Chronic Q fever in the United States

Petros C. Karakousis, Michele Trucksis, J. Stephen Dumler

Research output: Contribution to journalArticlepeer-review

57 Scopus citations


Infections due to Coxiella burnetii, the causative agent of Q fever, are uncommon in the United States. Cases of chronic Q fever are extremely rare and most often manifest as culture-negative endocarditis in patients with underlying valvular heart disease. We describe a 31-year-old farmer from West Virginia with a history of congenital heart disease and recurrent fevers for 14 months who was diagnosed with Q fever endocarditis based on an extremely high antibody titer against Coxiella burnetii phase I antigen. Despite treatment with doxycycline, he continued to have markedly elevated Coxiella burnetii phase I antibody titers for 10 years after the initial diagnosis. To our knowledge, this case represents the longest follow-up period for a patient with chronic Q fever in the United States. We review all cases of chronic Q fever reported in the United States and discuss important issues pertaining to epidemiology, diagnosis, and management of this disease.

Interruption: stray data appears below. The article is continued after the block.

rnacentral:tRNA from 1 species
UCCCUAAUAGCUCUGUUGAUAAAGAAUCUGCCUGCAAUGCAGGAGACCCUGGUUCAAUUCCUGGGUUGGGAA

Original languageEnglish (US)
Pages (from-to)2283-2287
Number of pages5
JournalJournal of clinical microbiology
Issue number6
StatePublished - Jun 2006
Externally publishedYes

ASJC Scopus subject areas

  • Microbiology (medical)


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